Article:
I was disappointed with this task, not because of the book itself (At Home was a phenomenal read) but because it didn’t fit well into the category. For those of you familiar with Bill Bryson’s books you will know that A Walk in the Woods and Neither Here Nor There are hilarious autobiographical accounts of his adventures traveling in different parts of the world. Upon finding this book I was prepared for a history book instead of an account of his life, but I had assumed it was going to be just as humorous as my previous experiences with him. There were several parts where my wife heard me chuckle or burst into laughter, but they were not as frequent as I had expected.
At Home is a historical account of how the modern home we know and experience came to be. Using his own home in England as a guide, a retired country rectory, Bill Bryson takes us through each room and examines how the Middle Ages, the American Revolution, China, and Ancient Rome have impacted how our homes look and what we do in them today.
There is a great deal of wit, and if any of you have ever read anything by Malcolm Gladwell you will find that Bryson’s style carries some similarities. Largely the ability to strike off on a long and detailed tangent that takes us nowhere near the topic we think he’s discussing. Then when we truly consider the idea that the author himself has forgotten what he was talking about he brings us full circle and applies everything back into his central thesis.
For the most part I was enthralled by the information Bryson was bringing to the surface because it was all the things that no one takes any time to teach you in school, but has an unalterable affect on how you perceive a time period. For instance, the Middle Ages are a time, which authors, Hollywood, and just about everyone else has depicted in glorious light. Who can imagine a knight on horseback without imagining the way the sun glints off the armor, his sword raised valiantly as he charges into the armies of opposing forces or blood thirsty goblins? I still can’t, and that is largely due to my passion for fantasy. But when you take the time to actually learn about the time period (because let’s be honest, the education system does a pretty shoddy job of informing us what it was really like in any of these ancient and past civilizations) you will find that they were often quite different than you realize. For instance, though the Romans and Greeks bathed regularly and understood the benefits of being clean, those who took over after the Romans were defeated (most Europeans) considered bathing to be Satanic, or at least unhealthy, until the late 19th century. Even then it took some time for it to become a regular occurrence. Now imagine that same knight charging into battle. His armor is probably stained with grime and blood and the mere smell of him alone would have been enough to kill or incapacitate any modern day man or woman who happened to be within 30 feet of him. Who wants to read or watch that fantasy story?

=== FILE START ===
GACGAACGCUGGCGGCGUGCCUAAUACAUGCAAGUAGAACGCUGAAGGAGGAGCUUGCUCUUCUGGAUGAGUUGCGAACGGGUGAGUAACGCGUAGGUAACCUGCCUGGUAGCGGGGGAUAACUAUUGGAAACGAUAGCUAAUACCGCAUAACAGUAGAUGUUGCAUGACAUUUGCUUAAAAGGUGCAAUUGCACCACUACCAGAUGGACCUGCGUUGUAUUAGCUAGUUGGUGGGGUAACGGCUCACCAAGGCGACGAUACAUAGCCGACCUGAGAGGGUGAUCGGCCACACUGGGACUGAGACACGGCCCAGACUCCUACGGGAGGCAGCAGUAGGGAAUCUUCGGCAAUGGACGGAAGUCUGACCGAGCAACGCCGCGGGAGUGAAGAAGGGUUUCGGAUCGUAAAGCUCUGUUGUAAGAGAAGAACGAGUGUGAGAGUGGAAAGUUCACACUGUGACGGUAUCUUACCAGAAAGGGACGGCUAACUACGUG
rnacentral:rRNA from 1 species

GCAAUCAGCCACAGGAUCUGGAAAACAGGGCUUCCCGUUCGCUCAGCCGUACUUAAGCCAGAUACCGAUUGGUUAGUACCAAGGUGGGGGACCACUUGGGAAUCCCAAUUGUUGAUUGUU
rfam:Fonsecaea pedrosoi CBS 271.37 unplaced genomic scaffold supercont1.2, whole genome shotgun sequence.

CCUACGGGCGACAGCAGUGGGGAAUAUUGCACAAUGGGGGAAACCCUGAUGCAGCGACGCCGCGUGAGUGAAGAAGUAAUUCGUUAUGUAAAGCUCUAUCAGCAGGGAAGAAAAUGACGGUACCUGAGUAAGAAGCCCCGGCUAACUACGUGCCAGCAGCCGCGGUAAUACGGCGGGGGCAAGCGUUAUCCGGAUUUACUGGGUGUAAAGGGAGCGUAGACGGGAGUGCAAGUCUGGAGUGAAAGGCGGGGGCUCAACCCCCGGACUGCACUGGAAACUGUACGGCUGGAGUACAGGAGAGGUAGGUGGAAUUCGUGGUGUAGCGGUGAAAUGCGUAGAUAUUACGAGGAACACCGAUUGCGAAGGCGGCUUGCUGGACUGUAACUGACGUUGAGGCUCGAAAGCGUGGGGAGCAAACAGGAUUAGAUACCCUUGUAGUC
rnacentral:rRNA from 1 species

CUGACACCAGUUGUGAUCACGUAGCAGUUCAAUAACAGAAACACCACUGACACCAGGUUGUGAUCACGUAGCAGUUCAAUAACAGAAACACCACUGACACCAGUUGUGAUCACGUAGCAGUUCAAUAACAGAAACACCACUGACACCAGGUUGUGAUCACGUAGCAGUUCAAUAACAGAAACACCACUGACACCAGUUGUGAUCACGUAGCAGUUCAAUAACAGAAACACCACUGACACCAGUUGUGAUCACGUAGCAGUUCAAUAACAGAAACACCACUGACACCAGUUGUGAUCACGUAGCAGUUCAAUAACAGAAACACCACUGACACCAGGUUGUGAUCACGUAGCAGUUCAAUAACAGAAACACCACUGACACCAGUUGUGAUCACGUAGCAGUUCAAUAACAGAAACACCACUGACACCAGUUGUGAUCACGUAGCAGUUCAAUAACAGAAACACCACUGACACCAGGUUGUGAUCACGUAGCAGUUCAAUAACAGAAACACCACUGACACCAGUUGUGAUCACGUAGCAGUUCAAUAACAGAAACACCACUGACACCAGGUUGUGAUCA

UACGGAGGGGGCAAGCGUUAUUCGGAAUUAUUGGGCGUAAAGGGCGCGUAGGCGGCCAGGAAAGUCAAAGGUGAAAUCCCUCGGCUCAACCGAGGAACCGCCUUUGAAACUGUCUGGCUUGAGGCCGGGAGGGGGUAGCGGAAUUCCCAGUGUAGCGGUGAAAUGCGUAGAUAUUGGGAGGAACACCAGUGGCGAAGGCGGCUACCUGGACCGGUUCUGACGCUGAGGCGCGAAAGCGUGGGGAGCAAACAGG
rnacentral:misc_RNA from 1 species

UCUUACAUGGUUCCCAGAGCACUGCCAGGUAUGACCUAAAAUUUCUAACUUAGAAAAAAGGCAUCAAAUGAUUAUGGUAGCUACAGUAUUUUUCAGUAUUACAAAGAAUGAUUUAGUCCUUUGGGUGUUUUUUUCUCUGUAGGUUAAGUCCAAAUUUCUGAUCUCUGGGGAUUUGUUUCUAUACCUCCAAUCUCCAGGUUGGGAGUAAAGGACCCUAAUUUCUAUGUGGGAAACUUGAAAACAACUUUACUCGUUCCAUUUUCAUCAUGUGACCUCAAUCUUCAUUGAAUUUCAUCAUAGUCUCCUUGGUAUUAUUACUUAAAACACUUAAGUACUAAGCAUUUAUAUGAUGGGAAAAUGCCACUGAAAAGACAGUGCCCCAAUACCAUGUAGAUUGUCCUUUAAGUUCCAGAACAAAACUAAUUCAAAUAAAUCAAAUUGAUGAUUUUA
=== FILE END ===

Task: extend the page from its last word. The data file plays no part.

Thankfully there were only a few chapters that caused my stomach to churn slightly (the bathroom was a given but the bedroom was a surprise). Throughout most of the book I was fascinated both with how things worked and what really happened in history to bring about the modern world we live in today. I can now say I understand in part the appeal of those who study history. When you delve deeply into the real history behind these changes, one experiences something similar to an adrenaline boost. I felt like most of the history I’ve learned was sugarcoated or tampered with and I had only received a brief glimpse of what was under the rug. Though it’s not always appealing to the senses, my desire to roll up my sleeves and dig through the past has grown significantly. The only other notable time this has occurred while reading a book was when I read The Great Little Madison by Jean Fritz. Another great book that those interested in the history of our country and our Founding Fathers would enjoy.
As I read At Home I realized that I knew so little about the home and the history of it that I didn’t even know what questions to ask. But Bill Bryson stepped in to not only ask the questions we didn’t know to ask, but to provide us with answers and insights that, as is quoted in a comment on the back, “if this book doesn’t supply you with five years’ worth of dinner conversation, you’re not paying attention.” I can add my voice to this; if you can read this book and not learn enough new things to have a descent historical conversation on the topic, then you may need to read it again.